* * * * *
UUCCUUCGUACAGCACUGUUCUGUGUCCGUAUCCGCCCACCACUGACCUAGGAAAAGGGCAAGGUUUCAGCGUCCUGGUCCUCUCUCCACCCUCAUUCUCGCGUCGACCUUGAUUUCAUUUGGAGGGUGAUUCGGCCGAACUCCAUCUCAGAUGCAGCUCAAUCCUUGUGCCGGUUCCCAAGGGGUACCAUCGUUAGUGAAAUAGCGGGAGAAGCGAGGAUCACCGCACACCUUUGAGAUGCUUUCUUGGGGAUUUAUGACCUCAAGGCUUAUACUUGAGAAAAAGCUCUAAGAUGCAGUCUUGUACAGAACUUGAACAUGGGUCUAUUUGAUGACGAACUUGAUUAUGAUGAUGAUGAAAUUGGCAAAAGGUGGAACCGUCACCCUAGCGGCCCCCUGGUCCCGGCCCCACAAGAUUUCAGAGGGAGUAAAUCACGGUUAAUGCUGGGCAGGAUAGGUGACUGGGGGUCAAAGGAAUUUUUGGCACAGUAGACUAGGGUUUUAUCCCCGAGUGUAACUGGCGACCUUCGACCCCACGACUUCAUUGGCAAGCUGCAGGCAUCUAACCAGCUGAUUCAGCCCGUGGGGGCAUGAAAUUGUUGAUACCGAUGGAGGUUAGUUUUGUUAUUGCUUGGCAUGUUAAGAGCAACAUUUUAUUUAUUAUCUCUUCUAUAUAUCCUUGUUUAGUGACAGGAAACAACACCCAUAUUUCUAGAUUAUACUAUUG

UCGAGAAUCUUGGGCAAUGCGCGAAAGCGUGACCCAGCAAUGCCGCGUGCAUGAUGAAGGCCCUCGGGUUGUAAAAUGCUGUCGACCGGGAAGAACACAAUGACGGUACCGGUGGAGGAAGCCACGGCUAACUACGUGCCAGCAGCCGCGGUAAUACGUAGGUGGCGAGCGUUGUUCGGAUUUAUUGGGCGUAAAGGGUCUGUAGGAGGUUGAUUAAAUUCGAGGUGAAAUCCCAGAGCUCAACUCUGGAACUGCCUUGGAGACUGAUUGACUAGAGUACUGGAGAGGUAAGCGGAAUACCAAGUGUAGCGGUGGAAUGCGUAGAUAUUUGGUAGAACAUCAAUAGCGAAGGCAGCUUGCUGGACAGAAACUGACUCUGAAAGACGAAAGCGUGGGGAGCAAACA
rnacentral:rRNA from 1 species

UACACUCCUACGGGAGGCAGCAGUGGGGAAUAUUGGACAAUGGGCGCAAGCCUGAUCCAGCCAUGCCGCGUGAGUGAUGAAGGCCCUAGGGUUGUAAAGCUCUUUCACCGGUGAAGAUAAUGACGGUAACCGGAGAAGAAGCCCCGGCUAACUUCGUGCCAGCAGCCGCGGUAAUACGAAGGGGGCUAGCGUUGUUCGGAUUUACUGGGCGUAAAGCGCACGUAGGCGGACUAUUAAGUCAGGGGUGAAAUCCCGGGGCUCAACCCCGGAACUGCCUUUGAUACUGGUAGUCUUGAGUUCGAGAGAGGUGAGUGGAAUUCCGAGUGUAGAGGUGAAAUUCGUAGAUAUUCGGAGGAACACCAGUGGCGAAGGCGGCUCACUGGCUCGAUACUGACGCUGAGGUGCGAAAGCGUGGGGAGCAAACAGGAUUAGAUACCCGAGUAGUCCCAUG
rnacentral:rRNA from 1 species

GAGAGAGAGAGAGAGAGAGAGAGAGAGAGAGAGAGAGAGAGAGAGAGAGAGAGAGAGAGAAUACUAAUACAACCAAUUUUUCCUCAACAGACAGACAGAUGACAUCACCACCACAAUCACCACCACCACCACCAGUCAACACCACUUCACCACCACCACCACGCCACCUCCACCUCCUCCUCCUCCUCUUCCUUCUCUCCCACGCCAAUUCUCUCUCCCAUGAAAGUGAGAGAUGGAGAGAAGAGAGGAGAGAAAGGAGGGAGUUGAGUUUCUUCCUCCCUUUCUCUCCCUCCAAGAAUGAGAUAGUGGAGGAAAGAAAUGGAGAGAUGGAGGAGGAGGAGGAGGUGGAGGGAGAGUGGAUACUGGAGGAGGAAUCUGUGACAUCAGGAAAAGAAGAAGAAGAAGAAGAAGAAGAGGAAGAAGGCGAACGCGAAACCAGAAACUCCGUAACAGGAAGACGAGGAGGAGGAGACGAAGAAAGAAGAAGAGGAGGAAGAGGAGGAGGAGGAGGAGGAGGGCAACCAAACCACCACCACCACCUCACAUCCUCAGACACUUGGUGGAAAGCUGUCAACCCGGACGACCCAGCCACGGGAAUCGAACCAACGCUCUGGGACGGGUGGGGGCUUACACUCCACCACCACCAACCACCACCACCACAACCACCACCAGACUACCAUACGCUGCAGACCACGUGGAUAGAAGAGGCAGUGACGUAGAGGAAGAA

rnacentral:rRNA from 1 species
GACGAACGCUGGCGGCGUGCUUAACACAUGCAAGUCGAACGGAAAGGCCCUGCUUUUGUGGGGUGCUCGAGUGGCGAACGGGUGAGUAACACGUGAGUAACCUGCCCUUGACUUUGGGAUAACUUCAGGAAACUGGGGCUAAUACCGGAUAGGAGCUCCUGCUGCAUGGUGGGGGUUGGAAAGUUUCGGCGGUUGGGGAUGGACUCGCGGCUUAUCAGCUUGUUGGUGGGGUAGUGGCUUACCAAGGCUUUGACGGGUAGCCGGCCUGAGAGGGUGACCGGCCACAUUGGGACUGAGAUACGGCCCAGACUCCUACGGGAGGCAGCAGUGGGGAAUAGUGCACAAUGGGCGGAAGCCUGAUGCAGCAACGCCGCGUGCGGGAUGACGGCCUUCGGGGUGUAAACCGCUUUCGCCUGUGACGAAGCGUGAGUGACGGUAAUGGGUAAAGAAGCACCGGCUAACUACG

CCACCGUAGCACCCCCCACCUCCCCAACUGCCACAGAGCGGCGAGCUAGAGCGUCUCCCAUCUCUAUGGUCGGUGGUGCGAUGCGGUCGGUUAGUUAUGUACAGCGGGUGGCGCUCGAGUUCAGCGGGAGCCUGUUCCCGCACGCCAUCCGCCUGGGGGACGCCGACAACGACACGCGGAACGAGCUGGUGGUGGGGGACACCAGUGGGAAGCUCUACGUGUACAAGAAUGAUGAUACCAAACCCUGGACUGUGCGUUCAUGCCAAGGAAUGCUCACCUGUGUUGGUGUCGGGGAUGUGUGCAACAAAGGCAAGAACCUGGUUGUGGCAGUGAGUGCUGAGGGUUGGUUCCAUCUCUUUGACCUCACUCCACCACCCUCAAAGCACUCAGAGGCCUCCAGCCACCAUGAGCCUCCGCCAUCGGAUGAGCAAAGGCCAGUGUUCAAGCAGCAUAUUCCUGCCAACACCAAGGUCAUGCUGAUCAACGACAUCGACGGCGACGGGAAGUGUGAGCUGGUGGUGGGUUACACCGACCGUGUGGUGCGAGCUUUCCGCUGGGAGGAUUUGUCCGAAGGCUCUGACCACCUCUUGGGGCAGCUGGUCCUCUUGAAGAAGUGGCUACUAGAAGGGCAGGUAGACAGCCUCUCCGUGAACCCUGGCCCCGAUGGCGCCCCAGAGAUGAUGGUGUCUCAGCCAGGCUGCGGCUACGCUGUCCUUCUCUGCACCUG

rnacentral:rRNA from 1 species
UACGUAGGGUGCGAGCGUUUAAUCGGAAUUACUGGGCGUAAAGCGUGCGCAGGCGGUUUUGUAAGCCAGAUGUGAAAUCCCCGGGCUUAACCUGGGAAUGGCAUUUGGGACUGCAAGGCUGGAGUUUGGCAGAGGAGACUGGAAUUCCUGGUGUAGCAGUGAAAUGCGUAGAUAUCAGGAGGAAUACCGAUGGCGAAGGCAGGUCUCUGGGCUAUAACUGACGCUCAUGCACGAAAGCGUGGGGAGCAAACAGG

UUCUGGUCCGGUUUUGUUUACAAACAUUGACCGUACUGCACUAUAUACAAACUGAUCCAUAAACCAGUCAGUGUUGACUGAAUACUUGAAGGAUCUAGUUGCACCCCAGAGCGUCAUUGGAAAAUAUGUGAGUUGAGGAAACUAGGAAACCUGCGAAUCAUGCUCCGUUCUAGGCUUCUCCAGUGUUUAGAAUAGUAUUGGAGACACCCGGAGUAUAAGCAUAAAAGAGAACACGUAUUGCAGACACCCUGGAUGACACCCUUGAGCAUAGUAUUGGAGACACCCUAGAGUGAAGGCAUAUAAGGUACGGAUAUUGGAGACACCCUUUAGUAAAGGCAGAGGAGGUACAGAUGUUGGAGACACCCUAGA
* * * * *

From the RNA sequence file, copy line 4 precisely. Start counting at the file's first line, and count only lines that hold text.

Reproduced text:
UACACUCCUACGGGAGGCAGCAGUGGGGAAUAUUGGACAAUGGGCGCAAGCCUGAUCCAGCCAUGCCGCGUGAGUGAUGAAGGCCCUAGGGUUGUAAAGCUCUUUCACCGGUGAAGAUAAUGACGGUAACCGGAGAAGAAGCCCCGGCUAACUUCGUGCCAGCAGCCGCGGUAAUACGAAGGGGGCUAGCGUUGUUCGGAUUUACUGGGCGUAAAGCGCACGUAGGCGGACUAUUAAGUCAGGGGUGAAAUCCCGGGGCUCAACCCCGGAACUGCCUUUGAUACUGGUAGUCUUGAGUUCGAGAGAGGUGAGUGGAAUUCCGAGUGUAGAGGUGAAAUUCGUAGAUAUUCGGAGGAACACCAGUGGCGAAGGCGGCUCACUGGCUCGAUACUGACGCUGAGGUGCGAAAGCGUGGGGAGCAAACAGGAUUAGAUACCCGAGUAGUCCCAUG